Yerevan – coffee machines and drinking water sprinklers


I’m back from a wonderful trekking tour, but for now I’ll continue the blog chronologically.


In the previous post, I took the train to Yerevan. Arrival time was 7:35 a.m. on the dot, which meant it was light beforehand and I was able to gather my first impressions of Armenia. It looked green:


First green impression


But that was a bit of a deception, I haven’t seen so much green since. There were also many empty factory buildings. It stayed that way. Only one large tobacco factory was busy. And then I was already in Yerevan, got ripped off by a taxi driver (but I didn’t begrudge him that – he was a very old man and looked as if he had to work out of necessity) and in no time at all I was at my accommodation. It was in the middle of a large Soviet bloc area. Armine and her mother live at the top of the 9th floor, rent 2 rooms and you have a great view everywhere.


Living quarter
More living quarter


As you can see, the sky is very blue and the temperatures are accordingly, as just before 30 degrees. Whew! Nevertheless, I was too curious and wanted to do things right away and made my way to the metro. On the way I met the first ones and wondered a bit and later I wondered even more: there are coffee machines everywhere! For little money, coffee actually comes out. Some are only labelled in Armenian and Russian and you don’t know which coffee to choose, but some also have English words.

coffee machine without english
coffee machine at metro-entrance


I like that. In addition to all the coffee vending machines, there are also kiosks with more expensive coffee variations with ice cream, etc. I’ve also succumbed to them. Good coffee country here!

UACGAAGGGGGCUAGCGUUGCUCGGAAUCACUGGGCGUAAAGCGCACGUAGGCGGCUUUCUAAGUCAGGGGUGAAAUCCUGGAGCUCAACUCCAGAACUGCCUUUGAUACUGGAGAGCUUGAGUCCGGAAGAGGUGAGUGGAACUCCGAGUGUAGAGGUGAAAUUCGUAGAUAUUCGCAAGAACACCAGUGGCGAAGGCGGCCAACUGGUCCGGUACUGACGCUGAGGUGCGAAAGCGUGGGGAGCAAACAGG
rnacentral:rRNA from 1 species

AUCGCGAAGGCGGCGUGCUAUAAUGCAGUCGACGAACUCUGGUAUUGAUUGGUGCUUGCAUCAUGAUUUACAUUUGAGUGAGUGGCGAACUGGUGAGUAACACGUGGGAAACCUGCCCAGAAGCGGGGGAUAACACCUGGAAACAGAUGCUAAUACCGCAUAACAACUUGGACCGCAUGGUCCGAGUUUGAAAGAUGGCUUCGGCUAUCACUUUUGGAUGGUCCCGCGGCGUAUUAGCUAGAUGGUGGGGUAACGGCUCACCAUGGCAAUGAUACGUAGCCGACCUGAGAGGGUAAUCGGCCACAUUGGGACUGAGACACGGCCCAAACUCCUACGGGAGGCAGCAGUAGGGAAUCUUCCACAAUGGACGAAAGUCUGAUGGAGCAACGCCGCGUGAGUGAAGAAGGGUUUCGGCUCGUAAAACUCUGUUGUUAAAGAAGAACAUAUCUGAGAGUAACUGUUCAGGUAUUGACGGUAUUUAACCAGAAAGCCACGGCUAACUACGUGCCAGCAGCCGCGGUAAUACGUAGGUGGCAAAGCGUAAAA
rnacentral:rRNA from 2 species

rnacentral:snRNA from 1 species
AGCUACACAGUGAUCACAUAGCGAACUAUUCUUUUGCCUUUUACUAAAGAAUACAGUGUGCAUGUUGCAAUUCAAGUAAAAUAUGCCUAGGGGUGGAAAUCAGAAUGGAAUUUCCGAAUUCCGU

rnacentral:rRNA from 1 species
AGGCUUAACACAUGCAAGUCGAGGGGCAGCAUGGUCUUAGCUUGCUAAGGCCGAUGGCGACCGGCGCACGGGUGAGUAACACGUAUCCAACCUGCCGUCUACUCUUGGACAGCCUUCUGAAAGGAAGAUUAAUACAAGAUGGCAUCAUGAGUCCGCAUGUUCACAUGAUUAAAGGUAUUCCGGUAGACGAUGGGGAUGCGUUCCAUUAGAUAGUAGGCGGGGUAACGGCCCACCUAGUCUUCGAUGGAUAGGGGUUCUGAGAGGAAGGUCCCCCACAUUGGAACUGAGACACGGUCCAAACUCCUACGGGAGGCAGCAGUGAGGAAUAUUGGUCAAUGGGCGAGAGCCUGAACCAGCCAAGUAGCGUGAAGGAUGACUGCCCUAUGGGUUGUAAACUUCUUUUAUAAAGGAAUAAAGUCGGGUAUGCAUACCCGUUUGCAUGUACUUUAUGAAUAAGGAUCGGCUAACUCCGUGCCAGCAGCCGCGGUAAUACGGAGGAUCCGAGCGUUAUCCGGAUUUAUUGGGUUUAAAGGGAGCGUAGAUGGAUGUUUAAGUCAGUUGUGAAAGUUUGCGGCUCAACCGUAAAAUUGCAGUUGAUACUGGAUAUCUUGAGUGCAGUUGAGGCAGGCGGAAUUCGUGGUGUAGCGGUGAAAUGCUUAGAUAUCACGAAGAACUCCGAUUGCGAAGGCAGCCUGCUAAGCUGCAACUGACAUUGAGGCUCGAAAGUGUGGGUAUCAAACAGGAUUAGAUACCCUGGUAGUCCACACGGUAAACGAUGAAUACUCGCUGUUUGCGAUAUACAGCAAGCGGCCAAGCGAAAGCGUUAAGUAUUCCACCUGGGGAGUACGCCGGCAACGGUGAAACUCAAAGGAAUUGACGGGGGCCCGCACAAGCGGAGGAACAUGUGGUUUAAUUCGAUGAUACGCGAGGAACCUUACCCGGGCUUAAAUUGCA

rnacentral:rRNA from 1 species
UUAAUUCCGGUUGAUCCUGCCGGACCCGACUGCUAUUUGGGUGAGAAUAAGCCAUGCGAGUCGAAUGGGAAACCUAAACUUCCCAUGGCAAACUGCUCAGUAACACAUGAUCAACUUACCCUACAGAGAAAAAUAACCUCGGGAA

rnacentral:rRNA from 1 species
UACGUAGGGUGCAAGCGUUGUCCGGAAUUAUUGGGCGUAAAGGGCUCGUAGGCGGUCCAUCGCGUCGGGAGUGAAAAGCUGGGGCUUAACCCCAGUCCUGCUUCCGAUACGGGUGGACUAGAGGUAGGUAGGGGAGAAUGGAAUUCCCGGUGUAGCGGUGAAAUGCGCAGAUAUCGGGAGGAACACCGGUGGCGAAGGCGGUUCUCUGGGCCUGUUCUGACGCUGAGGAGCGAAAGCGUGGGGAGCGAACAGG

The metro is an experience! There is one line with 10 stations. Each ride costs less than 20 cents, you pay for a plastic token, throw it into a barrier, which then opens and you get out just like that. I looked a bit confused overall and poof, a nice lady came to me to help. There was an escalator to the platform – it raced much faster than the escalators in Germany. Almost everything here is labelled in Armenian and Russian, which makes it a bit difficult. But the people are so nice! Like the lady who pointed me in the right direction. The metro was also incredibly fast. It shook and shook and you bounced around on your seat like in an old merry-go-round. Great! By the way, you don’t wear much mask here, the corona numbers are rather low.




After getting off, I stumbled into the first coffee kiosk, but also became aware of another service provided by the city. They really take great care of their citizens’ liquid intake. There are plenty of these drinking water sprinklers. Or rather, what are they called? These things where water bubbles out and you hold your head over it and drink. There are supposed to be over 1500 of them in Yerevan alone. The water here is of good quality, you can drink it not only from the bubblers but also from the taps.

drinking water sprinkler nearby my accommodation


What else I experienced and observed you’ll find in the next post 🙂